Antarctica’s centenary is Australia’s chance to push for protection

It’s all eyes on Antarctica. AAP

Everyone is looking at Antarctica right now: attention at last! The 100th anniversary of Douglas Mawson’s landing at Commonwealth Bay in Antarctica arrived and passed without the promised celebration, thanks to B9B (a massive iceberg blocking the ship). But still satellite TV news lets us bask nightly in the reflected glory of Antarctic explorers past.

Anniversaries, whales and too many campers

Australians’ anniversary actions echo similar ones by the Norwegians, the British and seemingly every country with polar interests. The Norwegians went to extraordinary lengths to celebrate, sending the head of their polar research institute to ski across Antarctica. They flew a planeload of people, including the Prime Minister, to the South Pole to celebrate their national hero Roald Amundsen’s annihilation of the British in 1911. Think national identity and you won’t be too far wrong.

I’ve lost count of the number of “recreation” or “legacy” expeditions and reality TV shows that have suddenly discovered Antarctica. They number in the hundreds, all linked to the world 24 hours a day via sat phones and live streams. The Americans who run the South Pole base have had to instigate special rules to cope with all the campers. It’s like an Australian beach caravan park in January.

Norway shipped its prime minister to Antarctica for their centenary celebrations. AAP

Simultaneously, according to newspapers in Australia and Japan, a war is apparently being raged in the Southern Ocean over scarce, large and intelligent inhabitants: whales. Right or wrong, the waters seem to get hotter each year, the end-game closer.

Does all this matter, or is this Antarctic excitement just a blip on the news wires? Antarctic watchers could be excused for throwing up their hands at the triviality of the analysis. They know the short-term media attention will drift away in weeks, if not days.

Mining Antarctica?

There is no doubt, however, that things are happening south of 60°. What is not clear yet is which direction events will take us, and whether Antarctica will remain forever the strongly protected common heritage of humankind, or become the global quarry of the 21st century.

There are efforts to ensure that the latter never occurs. On the 20th anniversary of the most important international environmental agreement ever signed, the Madrid Protocol to the Antarctic Treaty, the two architects Michel Rocard (former prime minister of France) and Bob Hawke issued a declaration. It was naturally ignored by the bulk of the Australian media.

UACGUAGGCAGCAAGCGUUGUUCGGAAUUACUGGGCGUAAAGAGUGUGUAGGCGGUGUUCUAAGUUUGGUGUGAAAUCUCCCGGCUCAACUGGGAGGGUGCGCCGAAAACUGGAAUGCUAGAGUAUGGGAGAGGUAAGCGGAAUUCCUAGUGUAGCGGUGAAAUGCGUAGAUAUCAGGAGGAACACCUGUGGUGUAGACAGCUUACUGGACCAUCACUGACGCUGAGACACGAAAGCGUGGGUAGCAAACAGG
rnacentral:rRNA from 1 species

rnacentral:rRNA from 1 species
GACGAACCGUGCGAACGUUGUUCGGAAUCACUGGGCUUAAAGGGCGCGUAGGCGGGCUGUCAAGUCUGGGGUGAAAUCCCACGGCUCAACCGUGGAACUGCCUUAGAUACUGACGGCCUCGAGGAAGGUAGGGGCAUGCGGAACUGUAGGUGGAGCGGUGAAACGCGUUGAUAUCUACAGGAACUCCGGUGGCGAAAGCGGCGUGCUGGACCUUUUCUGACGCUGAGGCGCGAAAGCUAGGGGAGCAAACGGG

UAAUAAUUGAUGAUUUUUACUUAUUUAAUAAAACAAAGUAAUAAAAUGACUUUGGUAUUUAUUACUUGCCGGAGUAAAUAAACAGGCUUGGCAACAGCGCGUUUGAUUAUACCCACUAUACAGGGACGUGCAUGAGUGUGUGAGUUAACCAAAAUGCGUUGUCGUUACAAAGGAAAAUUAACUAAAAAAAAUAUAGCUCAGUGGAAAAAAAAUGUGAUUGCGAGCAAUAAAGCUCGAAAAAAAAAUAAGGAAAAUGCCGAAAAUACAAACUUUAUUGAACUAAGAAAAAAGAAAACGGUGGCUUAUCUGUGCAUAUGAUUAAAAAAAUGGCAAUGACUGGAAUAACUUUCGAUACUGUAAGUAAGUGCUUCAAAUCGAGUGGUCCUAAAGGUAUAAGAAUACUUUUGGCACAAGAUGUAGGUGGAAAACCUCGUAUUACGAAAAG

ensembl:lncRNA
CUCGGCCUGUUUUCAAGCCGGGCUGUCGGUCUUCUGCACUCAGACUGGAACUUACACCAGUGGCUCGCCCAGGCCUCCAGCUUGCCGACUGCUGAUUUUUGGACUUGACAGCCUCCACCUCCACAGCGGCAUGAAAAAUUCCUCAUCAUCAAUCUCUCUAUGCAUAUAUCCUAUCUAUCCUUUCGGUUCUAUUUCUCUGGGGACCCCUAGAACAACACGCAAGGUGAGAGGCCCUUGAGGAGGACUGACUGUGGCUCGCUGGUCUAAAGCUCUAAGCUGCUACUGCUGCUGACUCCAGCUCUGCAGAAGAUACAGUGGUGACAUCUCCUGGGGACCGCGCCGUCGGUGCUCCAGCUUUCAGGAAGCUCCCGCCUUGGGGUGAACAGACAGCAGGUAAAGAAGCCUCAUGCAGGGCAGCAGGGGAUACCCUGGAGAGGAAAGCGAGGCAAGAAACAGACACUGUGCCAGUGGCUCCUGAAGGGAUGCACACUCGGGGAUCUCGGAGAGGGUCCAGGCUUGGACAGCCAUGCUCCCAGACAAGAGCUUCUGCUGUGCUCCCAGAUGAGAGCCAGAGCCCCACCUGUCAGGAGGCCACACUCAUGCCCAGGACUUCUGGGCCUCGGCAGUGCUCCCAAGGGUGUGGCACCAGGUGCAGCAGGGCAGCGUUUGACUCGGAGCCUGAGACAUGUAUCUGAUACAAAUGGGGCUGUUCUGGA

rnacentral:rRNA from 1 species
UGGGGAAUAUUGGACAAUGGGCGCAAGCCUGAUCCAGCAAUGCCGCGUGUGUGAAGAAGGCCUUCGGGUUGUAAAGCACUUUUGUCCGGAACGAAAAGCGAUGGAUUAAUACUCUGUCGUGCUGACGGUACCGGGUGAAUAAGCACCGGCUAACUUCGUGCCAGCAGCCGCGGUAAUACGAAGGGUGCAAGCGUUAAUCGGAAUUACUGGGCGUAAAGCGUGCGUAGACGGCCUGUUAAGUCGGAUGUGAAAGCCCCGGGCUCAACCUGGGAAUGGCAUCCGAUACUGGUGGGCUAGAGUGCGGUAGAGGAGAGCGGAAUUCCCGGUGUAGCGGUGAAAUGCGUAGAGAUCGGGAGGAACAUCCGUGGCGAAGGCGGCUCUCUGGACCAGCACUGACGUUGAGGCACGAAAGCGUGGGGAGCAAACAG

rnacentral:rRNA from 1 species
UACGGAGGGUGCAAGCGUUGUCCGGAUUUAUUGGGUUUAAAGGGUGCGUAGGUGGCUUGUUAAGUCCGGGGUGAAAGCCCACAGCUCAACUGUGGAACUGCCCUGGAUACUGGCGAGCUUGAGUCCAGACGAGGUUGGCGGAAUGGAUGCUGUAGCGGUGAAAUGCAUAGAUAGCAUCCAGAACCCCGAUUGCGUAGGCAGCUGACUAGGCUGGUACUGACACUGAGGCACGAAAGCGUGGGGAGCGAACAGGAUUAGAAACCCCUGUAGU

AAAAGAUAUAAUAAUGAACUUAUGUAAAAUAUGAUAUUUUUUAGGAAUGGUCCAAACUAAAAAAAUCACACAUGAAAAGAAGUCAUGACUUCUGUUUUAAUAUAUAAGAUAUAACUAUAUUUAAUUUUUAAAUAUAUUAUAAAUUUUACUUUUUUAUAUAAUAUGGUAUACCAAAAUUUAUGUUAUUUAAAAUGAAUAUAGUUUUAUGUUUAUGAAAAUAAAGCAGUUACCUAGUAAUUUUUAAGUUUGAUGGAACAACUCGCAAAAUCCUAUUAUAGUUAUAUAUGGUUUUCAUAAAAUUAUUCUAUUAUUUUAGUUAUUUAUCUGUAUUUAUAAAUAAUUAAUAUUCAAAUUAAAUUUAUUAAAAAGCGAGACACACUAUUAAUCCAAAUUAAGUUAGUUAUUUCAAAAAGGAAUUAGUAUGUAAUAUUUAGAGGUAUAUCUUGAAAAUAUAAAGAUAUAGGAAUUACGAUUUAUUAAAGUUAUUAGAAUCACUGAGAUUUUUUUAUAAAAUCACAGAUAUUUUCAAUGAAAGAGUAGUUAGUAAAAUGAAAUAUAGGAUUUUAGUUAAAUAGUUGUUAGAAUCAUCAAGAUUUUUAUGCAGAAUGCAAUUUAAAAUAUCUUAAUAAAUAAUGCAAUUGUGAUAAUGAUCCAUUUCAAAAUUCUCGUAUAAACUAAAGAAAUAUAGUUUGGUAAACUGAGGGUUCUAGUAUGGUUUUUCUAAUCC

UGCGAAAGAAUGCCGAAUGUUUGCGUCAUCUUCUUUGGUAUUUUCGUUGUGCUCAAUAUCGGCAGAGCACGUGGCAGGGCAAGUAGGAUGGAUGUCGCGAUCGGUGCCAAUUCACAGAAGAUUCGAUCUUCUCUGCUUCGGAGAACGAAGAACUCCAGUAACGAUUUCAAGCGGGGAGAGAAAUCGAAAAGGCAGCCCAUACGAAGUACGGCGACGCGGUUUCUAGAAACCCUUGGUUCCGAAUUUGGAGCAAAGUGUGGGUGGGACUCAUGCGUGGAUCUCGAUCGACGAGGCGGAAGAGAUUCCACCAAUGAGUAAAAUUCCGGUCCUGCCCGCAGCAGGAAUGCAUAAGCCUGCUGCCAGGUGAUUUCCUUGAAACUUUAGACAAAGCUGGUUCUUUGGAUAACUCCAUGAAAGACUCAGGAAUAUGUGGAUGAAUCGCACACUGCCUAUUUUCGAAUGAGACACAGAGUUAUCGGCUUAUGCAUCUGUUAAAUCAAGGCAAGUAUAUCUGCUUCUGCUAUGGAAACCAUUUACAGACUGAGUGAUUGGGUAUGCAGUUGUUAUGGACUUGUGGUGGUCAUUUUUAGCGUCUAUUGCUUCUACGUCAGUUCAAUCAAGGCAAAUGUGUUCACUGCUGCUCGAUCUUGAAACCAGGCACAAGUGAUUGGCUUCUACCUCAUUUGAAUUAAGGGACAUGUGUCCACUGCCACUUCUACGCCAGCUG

The declaration calls for all nations with Antarctic interests to ratify the Madrid Protocol as soon as possible. This would effectively put natural resource exploitation off the agenda for the foreseeable future. Fourteen of the countries that have signed the Antarctic Treaty have not ratified the Madrid Protocol, including seven European nations and four Latin American ones.

Australia is proud of its Antarctic involvement; now’s the chance to go a step further. AAP

Off the record, some countries will tell you they haven’t signed because they don’t want to accept liability when their citizens damage Antarctica’s heritage or environment. Given their legal commitments under the Antarctic Treaty and other international law, this is simply gross irresponsibility.

Australia and France said at the time that they would help to encourage further ratifications. But there has been little public evidence of progress to date. France at least has instigated the first prosecution in support of the Madrid Protocol liability annex: prosecuting our vandals is something we do at home, so why not when they commit crimes in Antarctica? It is surely in Australia’s interests to robustly encourage ratification of a protocol which protects our own self-declared objectives.

Stirring the pot even more deeply are a range of countries including Russia and China, and bizarrely last week, Iran. Iran, not a signatory to the Antarctic Treaty, announced a major “six-step program” to build a base and icebreaker for Antarctic research.

Russia announced last year that it would begin a major program of mineral and hydrocarbon exploration in Antarctica. It may have caused a few raised eyebrows among delegates to the Antarctic Treaty Consultative Meeting, but nobody blinked. Acceptance of this and similar programs by Australia and other Consultative Parties may have consequences. It could signal the beginning of a slow decline of the protection of Antarctica: the moral high ground has been lost.

What will happen to Antarctica as it becomes more accessible? AAP

Recently, some have suggested promoting the World Heritage listing of all or major chunks of Antarctica to give the continent greater protection. While largely symbolic, this would help to deter those interested in resource exploitation and raise public awareness and sympathy for a very special place.

Importantly it would open the debate about protection and status of Antarctica to a much wider community of nations. There is no doubt the idea will arouse fierce objections from bureaucrats in several traditional Antarctic countries like Australia. They have seen attacks on the ATS “club” by developing countries in past decades, not always for altruistic reasons. The status quo often seems the best solution to those who created the system. Politicians however do not always agree with the bureaucrats who serve them.

This year’s “shopping basket” of events and declarations may be more than happenstance. Beyond the anniversaries they may indicate a shift in thinking and attitudes towards Antarctica. Let’s hope the ensuing debate inherits the wisdom of past thinking about this glorious continent. Australia could, if it is interested, play a leading role in such a debate.